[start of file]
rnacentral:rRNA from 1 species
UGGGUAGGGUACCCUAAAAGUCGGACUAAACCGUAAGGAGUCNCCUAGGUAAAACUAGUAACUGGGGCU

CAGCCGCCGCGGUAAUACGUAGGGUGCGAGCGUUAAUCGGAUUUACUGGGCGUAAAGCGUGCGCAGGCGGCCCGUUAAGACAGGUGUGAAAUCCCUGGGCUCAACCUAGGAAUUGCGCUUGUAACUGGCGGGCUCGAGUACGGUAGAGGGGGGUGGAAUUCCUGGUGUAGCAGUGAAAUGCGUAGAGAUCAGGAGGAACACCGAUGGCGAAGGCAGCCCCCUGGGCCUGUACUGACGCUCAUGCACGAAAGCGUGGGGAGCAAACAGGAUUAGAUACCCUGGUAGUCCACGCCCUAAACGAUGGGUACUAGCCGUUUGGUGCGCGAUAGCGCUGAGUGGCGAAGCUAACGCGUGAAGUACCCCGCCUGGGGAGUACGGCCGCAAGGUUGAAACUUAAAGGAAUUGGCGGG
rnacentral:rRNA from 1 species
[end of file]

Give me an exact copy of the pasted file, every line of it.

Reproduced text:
rnacentral:rRNA from 1 species
UGGGUAGGGUACCCUAAAAGUCGGACUAAACCGUAAGGAGUCNCCUAGGUAAAACUAGUAACUGGGGCU

CAGCCGCCGCGGUAAUACGUAGGGUGCGAGCGUUAAUCGGAUUUACUGGGCGUAAAGCGUGCGCAGGCGGCCCGUUAAGACAGGUGUGAAAUCCCUGGGCUCAACCUAGGAAUUGCGCUUGUAACUGGCGGGCUCGAGUACGGUAGAGGGGGGUGGAAUUCCUGGUGUAGCAGUGAAAUGCGUAGAGAUCAGGAGGAACACCGAUGGCGAAGGCAGCCCCCUGGGCCUGUACUGACGCUCAUGCACGAAAGCGUGGGGAGCAAACAGGAUUAGAUACCCUGGUAGUCCACGCCCUAAACGAUGGGUACUAGCCGUUUGGUGCGCGAUAGCGCUGAGUGGCGAAGCUAACGCGUGAAGUACCCCGCCUGGGGAGUACGGCCGCAAGGUUGAAACUUAAAGGAAUUGGCGGG
rnacentral:rRNA from 1 species